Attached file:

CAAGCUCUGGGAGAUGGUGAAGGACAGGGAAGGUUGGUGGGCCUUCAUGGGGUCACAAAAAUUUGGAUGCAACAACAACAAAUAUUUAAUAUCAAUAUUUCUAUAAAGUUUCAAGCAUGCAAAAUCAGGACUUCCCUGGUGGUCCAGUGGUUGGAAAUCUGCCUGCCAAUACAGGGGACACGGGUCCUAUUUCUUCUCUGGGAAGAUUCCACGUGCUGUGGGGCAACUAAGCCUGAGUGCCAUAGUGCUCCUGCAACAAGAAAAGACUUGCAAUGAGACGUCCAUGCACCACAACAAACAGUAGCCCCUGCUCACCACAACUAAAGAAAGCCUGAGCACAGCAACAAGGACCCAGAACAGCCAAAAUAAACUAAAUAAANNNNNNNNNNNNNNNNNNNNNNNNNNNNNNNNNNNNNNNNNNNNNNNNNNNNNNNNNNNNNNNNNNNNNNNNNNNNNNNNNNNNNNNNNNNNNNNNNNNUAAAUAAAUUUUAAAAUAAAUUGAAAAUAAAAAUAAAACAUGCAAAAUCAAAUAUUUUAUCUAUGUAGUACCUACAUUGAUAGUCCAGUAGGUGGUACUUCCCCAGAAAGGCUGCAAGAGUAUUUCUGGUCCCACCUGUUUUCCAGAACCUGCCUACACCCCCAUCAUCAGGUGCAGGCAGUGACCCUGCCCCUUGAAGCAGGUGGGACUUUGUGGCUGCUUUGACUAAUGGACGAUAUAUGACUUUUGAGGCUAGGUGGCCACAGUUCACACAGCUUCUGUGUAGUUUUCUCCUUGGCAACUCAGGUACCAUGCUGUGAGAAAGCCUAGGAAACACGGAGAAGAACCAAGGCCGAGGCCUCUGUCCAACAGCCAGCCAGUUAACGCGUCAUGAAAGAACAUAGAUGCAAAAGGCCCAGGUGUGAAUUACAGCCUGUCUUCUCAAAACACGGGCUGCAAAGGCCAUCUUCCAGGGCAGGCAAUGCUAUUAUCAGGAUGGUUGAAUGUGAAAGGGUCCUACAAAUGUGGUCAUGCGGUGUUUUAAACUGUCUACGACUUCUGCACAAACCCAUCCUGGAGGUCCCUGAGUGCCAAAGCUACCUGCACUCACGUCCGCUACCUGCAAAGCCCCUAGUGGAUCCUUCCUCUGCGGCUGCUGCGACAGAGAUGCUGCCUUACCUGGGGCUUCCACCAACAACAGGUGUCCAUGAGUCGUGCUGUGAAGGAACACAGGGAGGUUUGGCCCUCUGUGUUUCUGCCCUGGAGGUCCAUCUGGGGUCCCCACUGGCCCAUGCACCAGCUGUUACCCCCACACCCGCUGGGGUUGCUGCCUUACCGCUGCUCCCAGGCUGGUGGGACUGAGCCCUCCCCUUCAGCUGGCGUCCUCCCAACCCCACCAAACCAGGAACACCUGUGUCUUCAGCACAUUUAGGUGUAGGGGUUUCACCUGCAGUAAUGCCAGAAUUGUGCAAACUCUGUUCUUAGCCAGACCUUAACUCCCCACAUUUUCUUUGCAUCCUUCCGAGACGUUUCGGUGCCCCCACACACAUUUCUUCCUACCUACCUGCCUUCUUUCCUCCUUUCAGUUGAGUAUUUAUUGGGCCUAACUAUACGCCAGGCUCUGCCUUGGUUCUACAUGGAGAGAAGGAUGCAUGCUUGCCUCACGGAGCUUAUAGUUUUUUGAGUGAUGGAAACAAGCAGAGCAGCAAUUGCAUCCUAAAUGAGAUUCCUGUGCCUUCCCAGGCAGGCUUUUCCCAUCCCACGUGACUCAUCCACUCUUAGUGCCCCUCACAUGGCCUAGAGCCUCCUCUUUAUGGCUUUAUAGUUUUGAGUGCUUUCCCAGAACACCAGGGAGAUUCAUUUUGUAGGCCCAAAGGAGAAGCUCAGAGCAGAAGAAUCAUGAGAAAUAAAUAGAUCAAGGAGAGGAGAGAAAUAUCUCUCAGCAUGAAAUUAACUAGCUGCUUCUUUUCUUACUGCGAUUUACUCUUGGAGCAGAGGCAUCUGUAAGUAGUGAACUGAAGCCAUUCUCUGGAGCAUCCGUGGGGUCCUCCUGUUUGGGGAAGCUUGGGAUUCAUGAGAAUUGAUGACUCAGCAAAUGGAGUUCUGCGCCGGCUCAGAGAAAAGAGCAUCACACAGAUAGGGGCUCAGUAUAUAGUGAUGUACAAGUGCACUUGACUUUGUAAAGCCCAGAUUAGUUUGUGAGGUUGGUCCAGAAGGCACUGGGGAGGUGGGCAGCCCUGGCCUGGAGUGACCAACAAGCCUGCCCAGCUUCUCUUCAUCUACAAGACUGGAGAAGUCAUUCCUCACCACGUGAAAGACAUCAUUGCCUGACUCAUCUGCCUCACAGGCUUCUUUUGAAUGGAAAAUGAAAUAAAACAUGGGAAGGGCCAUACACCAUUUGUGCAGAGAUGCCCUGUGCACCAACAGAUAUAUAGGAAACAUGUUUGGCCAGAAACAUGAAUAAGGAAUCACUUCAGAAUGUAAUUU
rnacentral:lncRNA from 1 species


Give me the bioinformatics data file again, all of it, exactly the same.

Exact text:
CAAGCUCUGGGAGAUGGUGAAGGACAGGGAAGGUUGGUGGGCCUUCAUGGGGUCACAAAAAUUUGGAUGCAACAACAACAAAUAUUUAAUAUCAAUAUUUCUAUAAAGUUUCAAGCAUGCAAAAUCAGGACUUCCCUGGUGGUCCAGUGGUUGGAAAUCUGCCUGCCAAUACAGGGGACACGGGUCCUAUUUCUUCUCUGGGAAGAUUCCACGUGCUGUGGGGCAACUAAGCCUGAGUGCCAUAGUGCUCCUGCAACAAGAAAAGACUUGCAAUGAGACGUCCAUGCACCACAACAAACAGUAGCCCCUGCUCACCACAACUAAAGAAAGCCUGAGCACAGCAACAAGGACCCAGAACAGCCAAAAUAAACUAAAUAAANNNNNNNNNNNNNNNNNNNNNNNNNNNNNNNNNNNNNNNNNNNNNNNNNNNNNNNNNNNNNNNNNNNNNNNNNNNNNNNNNNNNNNNNNNNNNNNNNNNUAAAUAAAUUUUAAAAUAAAUUGAAAAUAAAAAUAAAACAUGCAAAAUCAAAUAUUUUAUCUAUGUAGUACCUACAUUGAUAGUCCAGUAGGUGGUACUUCCCCAGAAAGGCUGCAAGAGUAUUUCUGGUCCCACCUGUUUUCCAGAACCUGCCUACACCCCCAUCAUCAGGUGCAGGCAGUGACCCUGCCCCUUGAAGCAGGUGGGACUUUGUGGCUGCUUUGACUAAUGGACGAUAUAUGACUUUUGAGGCUAGGUGGCCACAGUUCACACAGCUUCUGUGUAGUUUUCUCCUUGGCAACUCAGGUACCAUGCUGUGAGAAAGCCUAGGAAACACGGAGAAGAACCAAGGCCGAGGCCUCUGUCCAACAGCCAGCCAGUUAACGCGUCAUGAAAGAACAUAGAUGCAAAAGGCCCAGGUGUGAAUUACAGCCUGUCUUCUCAAAACACGGGCUGCAAAGGCCAUCUUCCAGGGCAGGCAAUGCUAUUAUCAGGAUGGUUGAAUGUGAAAGGGUCCUACAAAUGUGGUCAUGCGGUGUUUUAAACUGUCUACGACUUCUGCACAAACCCAUCCUGGAGGUCCCUGAGUGCCAAAGCUACCUGCACUCACGUCCGCUACCUGCAAAGCCCCUAGUGGAUCCUUCCUCUGCGGCUGCUGCGACAGAGAUGCUGCCUUACCUGGGGCUUCCACCAACAACAGGUGUCCAUGAGUCGUGCUGUGAAGGAACACAGGGAGGUUUGGCCCUCUGUGUUUCUGCCCUGGAGGUCCAUCUGGGGUCCCCACUGGCCCAUGCACCAGCUGUUACCCCCACACCCGCUGGGGUUGCUGCCUUACCGCUGCUCCCAGGCUGGUGGGACUGAGCCCUCCCCUUCAGCUGGCGUCCUCCCAACCCCACCAAACCAGGAACACCUGUGUCUUCAGCACAUUUAGGUGUAGGGGUUUCACCUGCAGUAAUGCCAGAAUUGUGCAAACUCUGUUCUUAGCCAGACCUUAACUCCCCACAUUUUCUUUGCAUCCUUCCGAGACGUUUCGGUGCCCCCACACACAUUUCUUCCUACCUACCUGCCUUCUUUCCUCCUUUCAGUUGAGUAUUUAUUGGGCCUAACUAUACGCCAGGCUCUGCCUUGGUUCUACAUGGAGAGAAGGAUGCAUGCUUGCCUCACGGAGCUUAUAGUUUUUUGAGUGAUGGAAACAAGCAGAGCAGCAAUUGCAUCCUAAAUGAGAUUCCUGUGCCUUCCCAGGCAGGCUUUUCCCAUCCCACGUGACUCAUCCACUCUUAGUGCCCCUCACAUGGCCUAGAGCCUCCUCUUUAUGGCUUUAUAGUUUUGAGUGCUUUCCCAGAACACCAGGGAGAUUCAUUUUGUAGGCCCAAAGGAGAAGCUCAGAGCAGAAGAAUCAUGAGAAAUAAAUAGAUCAAGGAGAGGAGAGAAAUAUCUCUCAGCAUGAAAUUAACUAGCUGCUUCUUUUCUUACUGCGAUUUACUCUUGGAGCAGAGGCAUCUGUAAGUAGUGAACUGAAGCCAUUCUCUGGAGCAUCCGUGGGGUCCUCCUGUUUGGGGAAGCUUGGGAUUCAUGAGAAUUGAUGACUCAGCAAAUGGAGUUCUGCGCCGGCUCAGAGAAAAGAGCAUCACACAGAUAGGGGCUCAGUAUAUAGUGAUGUACAAGUGCACUUGACUUUGUAAAGCCCAGAUUAGUUUGUGAGGUUGGUCCAGAAGGCACUGGGGAGGUGGGCAGCCCUGGCCUGGAGUGACCAACAAGCCUGCCCAGCUUCUCUUCAUCUACAAGACUGGAGAAGUCAUUCCUCACCACGUGAAAGACAUCAUUGCCUGACUCAUCUGCCUCACAGGCUUCUUUUGAAUGGAAAAUGAAAUAAAACAUGGGAAGGGCCAUACACCAUUUGUGCAGAGAUGCCCUGUGCACCAACAGAUAUAUAGGAAACAUGUUUGGCCAGAAACAUGAAUAAGGAAUCACUUCAGAAUGUAAUUU
rnacentral:lncRNA from 1 species